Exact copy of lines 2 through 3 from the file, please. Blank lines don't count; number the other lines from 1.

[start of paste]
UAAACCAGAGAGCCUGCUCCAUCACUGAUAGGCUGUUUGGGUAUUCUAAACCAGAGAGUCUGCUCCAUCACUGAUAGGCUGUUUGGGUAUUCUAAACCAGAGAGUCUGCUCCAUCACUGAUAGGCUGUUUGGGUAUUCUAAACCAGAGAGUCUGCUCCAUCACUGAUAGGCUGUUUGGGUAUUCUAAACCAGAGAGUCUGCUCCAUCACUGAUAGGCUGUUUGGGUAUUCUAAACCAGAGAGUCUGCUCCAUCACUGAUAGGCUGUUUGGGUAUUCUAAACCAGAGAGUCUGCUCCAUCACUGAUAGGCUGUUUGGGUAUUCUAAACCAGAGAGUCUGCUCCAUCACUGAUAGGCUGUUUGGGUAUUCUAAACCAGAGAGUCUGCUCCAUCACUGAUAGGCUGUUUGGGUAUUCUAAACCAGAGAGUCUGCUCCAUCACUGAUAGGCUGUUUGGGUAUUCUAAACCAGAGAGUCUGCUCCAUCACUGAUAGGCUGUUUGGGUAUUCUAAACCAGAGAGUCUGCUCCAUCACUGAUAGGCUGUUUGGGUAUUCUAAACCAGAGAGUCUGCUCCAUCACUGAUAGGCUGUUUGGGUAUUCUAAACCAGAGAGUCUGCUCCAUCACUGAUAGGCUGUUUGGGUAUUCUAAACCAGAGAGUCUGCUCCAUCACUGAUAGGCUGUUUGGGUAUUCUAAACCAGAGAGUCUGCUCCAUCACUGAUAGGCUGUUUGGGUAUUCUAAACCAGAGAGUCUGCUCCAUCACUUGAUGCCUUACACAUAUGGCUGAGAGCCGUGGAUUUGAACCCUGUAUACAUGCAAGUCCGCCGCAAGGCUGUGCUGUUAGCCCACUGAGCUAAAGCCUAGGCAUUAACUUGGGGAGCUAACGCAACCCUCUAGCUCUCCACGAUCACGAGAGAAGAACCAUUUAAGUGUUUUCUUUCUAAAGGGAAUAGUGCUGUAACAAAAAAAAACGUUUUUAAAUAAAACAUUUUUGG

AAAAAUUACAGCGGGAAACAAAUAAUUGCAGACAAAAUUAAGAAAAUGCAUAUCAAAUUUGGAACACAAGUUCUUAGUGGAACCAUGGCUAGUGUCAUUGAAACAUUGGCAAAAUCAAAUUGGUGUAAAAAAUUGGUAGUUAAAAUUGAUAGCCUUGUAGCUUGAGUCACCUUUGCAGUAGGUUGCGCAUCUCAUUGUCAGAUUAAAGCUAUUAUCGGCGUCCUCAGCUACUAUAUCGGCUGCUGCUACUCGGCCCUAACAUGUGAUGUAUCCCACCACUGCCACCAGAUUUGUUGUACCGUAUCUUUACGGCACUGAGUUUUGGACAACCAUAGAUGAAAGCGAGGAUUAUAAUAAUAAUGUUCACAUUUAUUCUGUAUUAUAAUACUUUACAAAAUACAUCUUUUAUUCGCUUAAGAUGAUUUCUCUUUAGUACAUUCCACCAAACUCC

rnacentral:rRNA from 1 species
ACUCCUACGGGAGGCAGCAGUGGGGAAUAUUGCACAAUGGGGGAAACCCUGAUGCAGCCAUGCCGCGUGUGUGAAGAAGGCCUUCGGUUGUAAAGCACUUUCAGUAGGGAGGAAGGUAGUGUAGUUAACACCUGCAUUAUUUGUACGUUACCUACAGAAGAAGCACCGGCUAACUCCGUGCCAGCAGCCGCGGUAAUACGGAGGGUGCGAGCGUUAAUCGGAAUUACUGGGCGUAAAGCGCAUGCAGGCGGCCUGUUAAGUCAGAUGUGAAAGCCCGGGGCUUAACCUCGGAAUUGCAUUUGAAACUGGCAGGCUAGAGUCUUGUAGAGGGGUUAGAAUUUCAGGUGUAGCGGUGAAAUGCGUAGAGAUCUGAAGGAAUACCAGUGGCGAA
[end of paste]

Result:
AAAAAUUACAGCGGGAAACAAAUAAUUGCAGACAAAAUUAAGAAAAUGCAUAUCAAAUUUGGAACACAAGUUCUUAGUGGAACCAUGGCUAGUGUCAUUGAAACAUUGGCAAAAUCAAAUUGGUGUAAAAAAUUGGUAGUUAAAAUUGAUAGCCUUGUAGCUUGAGUCACCUUUGCAGUAGGUUGCGCAUCUCAUUGUCAGAUUAAAGCUAUUAUCGGCGUCCUCAGCUACUAUAUCGGCUGCUGCUACUCGGCCCUAACAUGUGAUGUAUCCCACCACUGCCACCAGAUUUGUUGUACCGUAUCUUUACGGCACUGAGUUUUGGACAACCAUAGAUGAAAGCGAGGAUUAUAAUAAUAAUGUUCACAUUUAUUCUGUAUUAUAAUACUUUACAAAAUACAUCUUUUAUUCGCUUAAGAUGAUUUCUCUUUAGUACAUUCCACCAAACUCC

rnacentral:rRNA from 1 species